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Half a century ago, Belgian Zoologist Bernard Heuvelmans first codified cryptozoology in his book On the Track of Unknown Animals.

The Centre for Fortean Zoology (CFZ) are still on the track, and have been since 1992. But as if chasing unknown animals wasn't enough, we are involved in education, conservation, and good old-fashioned natural history! We already have three journals, the largest cryptozoological publishing house in the world, CFZtv, and the largest cryptozoological conference in the English-speaking world, but in January 2009 someone suggested that we started a daily online magazine! The CFZ bloggo is a collaborative effort by a coalition of members, friends, and supporters of the CFZ, and covers all the subjects with which we deal, with a smattering of music, high strangeness and surreal humour to make up the mix.

It is edited by CFZ Director Jon Downes, and subbed by the lovely Lizzy Bitakara'mire (formerly Clancy), scourge of improper syntax. The daily newsblog is edited by Corinna Downes, head administratrix of the CFZ, and the indexing is done by Lee Canty and Kathy Imbriani. There is regular news from the CFZ Mystery Cat study group, and regular fortean bird news from 'The Watcher of the Skies'. Regular bloggers include Dr Karl Shuker, Dale Drinnon, Richard Muirhead and Richard Freeman.The CFZ bloggo is updated daily, and there's nothing quite like it anywhere else. Come and join us...

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Monday, November 15, 2010

THYLACINE FOOTAGE?

Over on their blog Centre for Fortean Zoology Australia have posted an intriguing piece of footage. Is this a thylacine?


You have got to check this out.

Mike and Rebecca's blog gets better and better with a whole slew of really important stories like this one. Which they got first!

Well done, guys.

ERIK KNATTERUD HAS DIED


http://www.cryptomundo.com/cryptozoo-news/knatterud-obit/

A COUPLE OF COMPLETELY DISPARATE UPDATES


  • We posted Tim Addiss's news of the December livebearer auction in Redditch. However, if you go expecting to see us there, I am afraid that you will be disappointed. For a multitude of reasons it is much easier to limit our visits to the June one, so see you then. Good luck, though, to Tim and all involved.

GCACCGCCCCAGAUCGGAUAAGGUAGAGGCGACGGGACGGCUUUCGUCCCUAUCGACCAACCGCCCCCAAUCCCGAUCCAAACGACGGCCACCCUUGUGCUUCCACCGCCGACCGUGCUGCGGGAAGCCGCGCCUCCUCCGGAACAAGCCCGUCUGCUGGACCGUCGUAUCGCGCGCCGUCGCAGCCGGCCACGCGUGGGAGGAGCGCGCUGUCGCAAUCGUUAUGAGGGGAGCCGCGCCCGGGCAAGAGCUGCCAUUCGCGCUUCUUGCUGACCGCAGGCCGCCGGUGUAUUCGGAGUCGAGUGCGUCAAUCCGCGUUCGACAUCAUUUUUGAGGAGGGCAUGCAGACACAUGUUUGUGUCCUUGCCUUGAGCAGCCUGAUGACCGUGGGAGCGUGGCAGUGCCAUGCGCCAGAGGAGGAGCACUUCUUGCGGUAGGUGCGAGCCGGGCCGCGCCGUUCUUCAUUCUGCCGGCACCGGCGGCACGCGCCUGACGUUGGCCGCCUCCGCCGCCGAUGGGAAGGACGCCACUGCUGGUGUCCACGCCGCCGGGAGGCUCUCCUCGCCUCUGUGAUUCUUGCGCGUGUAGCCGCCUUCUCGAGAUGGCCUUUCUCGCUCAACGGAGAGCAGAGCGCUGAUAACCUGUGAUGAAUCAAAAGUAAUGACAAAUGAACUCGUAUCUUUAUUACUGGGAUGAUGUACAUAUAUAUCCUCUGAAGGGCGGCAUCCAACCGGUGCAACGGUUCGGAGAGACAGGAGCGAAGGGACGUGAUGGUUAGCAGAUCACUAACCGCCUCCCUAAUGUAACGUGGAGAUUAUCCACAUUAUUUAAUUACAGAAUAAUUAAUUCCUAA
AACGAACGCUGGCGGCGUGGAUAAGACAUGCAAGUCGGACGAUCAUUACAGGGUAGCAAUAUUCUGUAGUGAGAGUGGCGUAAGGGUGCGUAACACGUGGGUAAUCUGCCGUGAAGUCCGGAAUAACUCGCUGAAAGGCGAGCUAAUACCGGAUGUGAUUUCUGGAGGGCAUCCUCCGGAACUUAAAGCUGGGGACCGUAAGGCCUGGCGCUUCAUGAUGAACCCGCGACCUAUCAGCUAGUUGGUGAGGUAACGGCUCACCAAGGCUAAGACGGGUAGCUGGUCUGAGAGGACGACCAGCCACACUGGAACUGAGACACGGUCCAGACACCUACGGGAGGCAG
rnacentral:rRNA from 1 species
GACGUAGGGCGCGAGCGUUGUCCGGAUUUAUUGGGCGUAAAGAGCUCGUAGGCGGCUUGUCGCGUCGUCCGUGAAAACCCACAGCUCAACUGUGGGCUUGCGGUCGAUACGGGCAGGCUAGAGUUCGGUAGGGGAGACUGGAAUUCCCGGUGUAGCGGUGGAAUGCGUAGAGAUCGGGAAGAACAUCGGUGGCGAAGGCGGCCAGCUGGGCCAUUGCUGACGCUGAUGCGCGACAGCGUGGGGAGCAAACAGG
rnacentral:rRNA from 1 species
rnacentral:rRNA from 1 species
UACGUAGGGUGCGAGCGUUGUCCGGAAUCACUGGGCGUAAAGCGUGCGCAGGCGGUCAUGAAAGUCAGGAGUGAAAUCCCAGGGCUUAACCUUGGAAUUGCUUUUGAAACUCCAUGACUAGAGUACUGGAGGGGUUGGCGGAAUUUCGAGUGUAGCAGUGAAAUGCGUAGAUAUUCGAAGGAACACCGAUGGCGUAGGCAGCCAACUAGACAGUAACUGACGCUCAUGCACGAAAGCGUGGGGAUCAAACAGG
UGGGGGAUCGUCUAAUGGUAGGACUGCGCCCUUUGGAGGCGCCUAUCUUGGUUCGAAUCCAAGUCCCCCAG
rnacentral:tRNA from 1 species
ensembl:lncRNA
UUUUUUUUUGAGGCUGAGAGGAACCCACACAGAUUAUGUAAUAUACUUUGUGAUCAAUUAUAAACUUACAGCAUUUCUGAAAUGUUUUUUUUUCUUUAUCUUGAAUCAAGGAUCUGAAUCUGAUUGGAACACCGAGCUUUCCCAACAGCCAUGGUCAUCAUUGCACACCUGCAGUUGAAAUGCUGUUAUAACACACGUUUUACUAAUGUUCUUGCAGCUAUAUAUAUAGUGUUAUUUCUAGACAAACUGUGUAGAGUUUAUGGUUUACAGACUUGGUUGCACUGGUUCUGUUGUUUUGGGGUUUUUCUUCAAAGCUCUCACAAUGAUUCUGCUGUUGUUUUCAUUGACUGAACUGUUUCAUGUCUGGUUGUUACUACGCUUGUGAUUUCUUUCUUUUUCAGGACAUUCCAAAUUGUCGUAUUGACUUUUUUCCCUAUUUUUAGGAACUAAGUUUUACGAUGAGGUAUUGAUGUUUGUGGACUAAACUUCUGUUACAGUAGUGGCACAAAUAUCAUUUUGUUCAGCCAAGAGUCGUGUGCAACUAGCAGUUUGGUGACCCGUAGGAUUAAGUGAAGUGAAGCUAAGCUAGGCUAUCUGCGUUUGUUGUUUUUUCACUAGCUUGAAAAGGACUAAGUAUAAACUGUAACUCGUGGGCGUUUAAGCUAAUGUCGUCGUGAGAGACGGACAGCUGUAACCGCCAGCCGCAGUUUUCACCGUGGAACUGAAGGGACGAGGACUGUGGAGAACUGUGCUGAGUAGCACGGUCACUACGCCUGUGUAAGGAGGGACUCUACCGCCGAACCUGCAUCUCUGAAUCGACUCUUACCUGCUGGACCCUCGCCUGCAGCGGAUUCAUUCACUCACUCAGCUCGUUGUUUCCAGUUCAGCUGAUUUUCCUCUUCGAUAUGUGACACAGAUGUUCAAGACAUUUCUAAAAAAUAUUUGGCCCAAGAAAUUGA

• Yesterday's video of Richard Freeman's talk concludes this year's coverage of the Fortean Times Unconvention. Now it looks like it is going to be an annual event, however, we hope that we shall be better equipped in the future.

MUIRHEAD`S MYSTERIES: WAXWING INVASION OF MACCLESFIELD

The current issue of my local paper has much coverage of a recent “invasion” of the waxwing, a rather attractive bird. So in a rare excursion into natural history rather than cryptozoology, here is what has been happening in the ornithological world in this part of England lately.

The rather lame headline on (Wed) November 10th was:

BERRY GOOD TIME TO SEE WAXWINGS

A beautiful bird has been spotted in Macclesfield this week thanks to the town`s bountiful berry supply.The influx of waxwings from their native arctic Russia and Scandanavia has created a buzz among the town`s birdwatchers. Some years, none come to country but when they do, Macclesfield is a prime location for the pink-ish bird about the size of a starling with a bold crest and intricate yellow and black waxy markings on their wing features. They are drawn to the rowan berry and hawthorn bushes planted years ago by Macclesfield council. On Macclesfield`s RSPB website there have been a couple of sightings logged at Standing Stones by Macclesfield Forest…[Treasurer] David Tolliday added “And in Macclesfield we`ve had a bumber year for berries thanks to a good summer.” Cheshire Wildlife Trust and the RSPB are calling for gardeners to avoid cutting berry-laden trees to give waxwings and other visitors like redwings and fieldfares the chance to feed. If you see a waxwing, go to bird.records@macclesfieldrspb.org.uk to report your sighting. (1)